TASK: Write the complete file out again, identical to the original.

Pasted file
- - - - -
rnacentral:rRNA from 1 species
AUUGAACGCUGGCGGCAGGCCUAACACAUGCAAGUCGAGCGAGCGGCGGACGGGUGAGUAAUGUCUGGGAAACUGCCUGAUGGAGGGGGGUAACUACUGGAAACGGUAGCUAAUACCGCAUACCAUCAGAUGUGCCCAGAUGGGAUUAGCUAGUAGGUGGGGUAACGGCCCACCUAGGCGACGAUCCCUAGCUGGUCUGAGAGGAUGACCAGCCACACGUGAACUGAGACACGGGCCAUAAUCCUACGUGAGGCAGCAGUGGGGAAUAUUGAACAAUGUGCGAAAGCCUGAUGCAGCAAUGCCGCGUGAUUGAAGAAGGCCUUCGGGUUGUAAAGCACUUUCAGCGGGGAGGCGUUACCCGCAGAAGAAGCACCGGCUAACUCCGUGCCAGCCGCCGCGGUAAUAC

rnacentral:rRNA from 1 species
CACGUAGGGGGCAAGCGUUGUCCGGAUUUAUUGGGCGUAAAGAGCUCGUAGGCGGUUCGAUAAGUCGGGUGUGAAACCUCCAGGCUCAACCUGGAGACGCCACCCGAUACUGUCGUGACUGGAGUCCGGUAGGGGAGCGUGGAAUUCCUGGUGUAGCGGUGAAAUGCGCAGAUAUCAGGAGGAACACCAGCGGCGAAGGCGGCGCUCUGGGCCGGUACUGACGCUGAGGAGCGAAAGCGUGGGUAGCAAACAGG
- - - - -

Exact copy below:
rnacentral:rRNA from 1 species
AUUGAACGCUGGCGGCAGGCCUAACACAUGCAAGUCGAGCGAGCGGCGGACGGGUGAGUAAUGUCUGGGAAACUGCCUGAUGGAGGGGGGUAACUACUGGAAACGGUAGCUAAUACCGCAUACCAUCAGAUGUGCCCAGAUGGGAUUAGCUAGUAGGUGGGGUAACGGCCCACCUAGGCGACGAUCCCUAGCUGGUCUGAGAGGAUGACCAGCCACACGUGAACUGAGACACGGGCCAUAAUCCUACGUGAGGCAGCAGUGGGGAAUAUUGAACAAUGUGCGAAAGCCUGAUGCAGCAAUGCCGCGUGAUUGAAGAAGGCCUUCGGGUUGUAAAGCACUUUCAGCGGGGAGGCGUUACCCGCAGAAGAAGCACCGGCUAACUCCGUGCCAGCCGCCGCGGUAAUAC

rnacentral:rRNA from 1 species
CACGUAGGGGGCAAGCGUUGUCCGGAUUUAUUGGGCGUAAAGAGCUCGUAGGCGGUUCGAUAAGUCGGGUGUGAAACCUCCAGGCUCAACCUGGAGACGCCACCCGAUACUGUCGUGACUGGAGUCCGGUAGGGGAGCGUGGAAUUCCUGGUGUAGCGGUGAAAUGCGCAGAUAUCAGGAGGAACACCAGCGGCGAAGGCGGCGCUCUGGGCCGGUACUGACGCUGAGGAGCGAAAGCGUGGGUAGCAAACAGG